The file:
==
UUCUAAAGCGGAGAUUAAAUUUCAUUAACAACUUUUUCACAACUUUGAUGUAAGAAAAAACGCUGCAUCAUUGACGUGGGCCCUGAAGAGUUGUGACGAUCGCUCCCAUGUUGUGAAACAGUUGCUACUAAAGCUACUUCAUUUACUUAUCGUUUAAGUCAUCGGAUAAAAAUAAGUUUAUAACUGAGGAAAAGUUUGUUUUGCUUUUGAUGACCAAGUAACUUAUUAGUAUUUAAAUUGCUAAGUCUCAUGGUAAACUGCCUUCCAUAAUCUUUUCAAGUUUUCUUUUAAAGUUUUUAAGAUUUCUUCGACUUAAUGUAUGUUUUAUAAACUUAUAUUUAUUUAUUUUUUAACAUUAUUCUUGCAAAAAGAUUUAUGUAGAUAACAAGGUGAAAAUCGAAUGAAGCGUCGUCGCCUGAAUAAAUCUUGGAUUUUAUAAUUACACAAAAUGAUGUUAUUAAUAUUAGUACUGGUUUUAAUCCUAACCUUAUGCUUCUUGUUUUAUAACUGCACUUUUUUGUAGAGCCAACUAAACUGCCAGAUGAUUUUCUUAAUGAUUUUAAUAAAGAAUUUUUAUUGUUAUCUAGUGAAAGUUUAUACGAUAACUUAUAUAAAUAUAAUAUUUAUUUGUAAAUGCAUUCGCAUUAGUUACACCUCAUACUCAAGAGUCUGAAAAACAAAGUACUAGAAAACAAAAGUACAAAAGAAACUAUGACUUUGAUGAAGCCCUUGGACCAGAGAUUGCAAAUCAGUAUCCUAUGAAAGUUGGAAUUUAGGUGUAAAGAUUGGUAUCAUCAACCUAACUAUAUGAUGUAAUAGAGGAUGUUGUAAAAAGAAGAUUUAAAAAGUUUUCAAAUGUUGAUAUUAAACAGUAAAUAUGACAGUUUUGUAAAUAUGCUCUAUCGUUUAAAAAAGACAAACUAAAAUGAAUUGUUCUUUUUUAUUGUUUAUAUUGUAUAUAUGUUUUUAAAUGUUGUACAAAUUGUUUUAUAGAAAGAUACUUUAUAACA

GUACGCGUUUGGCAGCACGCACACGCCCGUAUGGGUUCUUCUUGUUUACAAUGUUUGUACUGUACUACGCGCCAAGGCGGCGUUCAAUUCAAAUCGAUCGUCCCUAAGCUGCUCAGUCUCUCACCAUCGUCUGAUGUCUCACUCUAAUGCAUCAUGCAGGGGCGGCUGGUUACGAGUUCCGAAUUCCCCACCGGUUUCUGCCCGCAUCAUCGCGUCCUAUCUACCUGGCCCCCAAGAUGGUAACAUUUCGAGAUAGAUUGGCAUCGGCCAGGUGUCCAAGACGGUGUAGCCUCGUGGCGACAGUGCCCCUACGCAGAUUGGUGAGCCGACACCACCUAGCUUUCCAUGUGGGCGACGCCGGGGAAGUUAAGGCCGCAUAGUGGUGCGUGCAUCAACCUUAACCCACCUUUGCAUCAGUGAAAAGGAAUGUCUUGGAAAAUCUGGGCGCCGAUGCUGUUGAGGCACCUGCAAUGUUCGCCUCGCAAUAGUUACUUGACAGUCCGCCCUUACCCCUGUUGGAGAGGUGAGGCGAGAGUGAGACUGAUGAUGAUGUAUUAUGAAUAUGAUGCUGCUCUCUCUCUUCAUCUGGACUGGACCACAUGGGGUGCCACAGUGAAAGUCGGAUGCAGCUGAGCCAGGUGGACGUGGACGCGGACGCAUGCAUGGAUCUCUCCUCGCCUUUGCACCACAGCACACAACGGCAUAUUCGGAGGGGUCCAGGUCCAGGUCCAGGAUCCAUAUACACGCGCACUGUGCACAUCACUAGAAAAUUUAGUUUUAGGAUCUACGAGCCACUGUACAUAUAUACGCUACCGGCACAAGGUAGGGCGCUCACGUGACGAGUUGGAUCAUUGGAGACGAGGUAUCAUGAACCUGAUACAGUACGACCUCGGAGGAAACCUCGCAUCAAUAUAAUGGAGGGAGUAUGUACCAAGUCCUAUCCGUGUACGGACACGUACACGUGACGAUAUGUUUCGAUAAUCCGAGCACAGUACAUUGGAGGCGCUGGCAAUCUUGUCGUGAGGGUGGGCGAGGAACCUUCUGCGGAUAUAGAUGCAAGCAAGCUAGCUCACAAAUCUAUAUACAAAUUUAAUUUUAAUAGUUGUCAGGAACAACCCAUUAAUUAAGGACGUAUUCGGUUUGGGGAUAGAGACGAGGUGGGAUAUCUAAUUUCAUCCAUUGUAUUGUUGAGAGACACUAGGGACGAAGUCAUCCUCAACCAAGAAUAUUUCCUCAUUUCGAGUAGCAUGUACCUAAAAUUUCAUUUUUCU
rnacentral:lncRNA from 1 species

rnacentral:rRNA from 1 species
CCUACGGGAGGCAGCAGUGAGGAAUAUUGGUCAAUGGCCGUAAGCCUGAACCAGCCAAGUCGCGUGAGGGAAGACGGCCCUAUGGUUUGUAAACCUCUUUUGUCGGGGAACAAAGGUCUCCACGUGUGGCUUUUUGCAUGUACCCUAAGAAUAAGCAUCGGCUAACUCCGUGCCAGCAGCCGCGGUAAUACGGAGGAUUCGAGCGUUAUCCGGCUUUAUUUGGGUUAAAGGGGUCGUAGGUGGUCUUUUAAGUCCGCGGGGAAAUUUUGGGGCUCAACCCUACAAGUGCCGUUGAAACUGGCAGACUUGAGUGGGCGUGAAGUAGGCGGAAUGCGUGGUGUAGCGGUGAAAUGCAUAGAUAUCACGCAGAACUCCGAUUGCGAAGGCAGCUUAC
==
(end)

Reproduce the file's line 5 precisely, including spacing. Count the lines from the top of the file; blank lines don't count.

CCUACGGGAGGCAGCAGUGAGGAAUAUUGGUCAAUGGCCGUAAGCCUGAACCAGCCAAGUCGCGUGAGGGAAGACGGCCCUAUGGUUUGUAAACCUCUUUUGUCGGGGAACAAAGGUCUCCACGUGUGGCUUUUUGCAUGUACCCUAAGAAUAAGCAUCGGCUAACUCCGUGCCAGCAGCCGCGGUAAUACGGAGGAUUCGAGCGUUAUCCGGCUUUAUUUGGGUUAAAGGGGUCGUAGGUGGUCUUUUAAGUCCGCGGGGAAAUUUUGGGGCUCAACCCUACAAGUGCCGUUGAAACUGGCAGACUUGAGUGGGCGUGAAGUAGGCGGAAUGCGUGGUGUAGCGGUGAAAUGCAUAGAUAUCACGCAGAACUCCGAUUGCGAAGGCAGCUUAC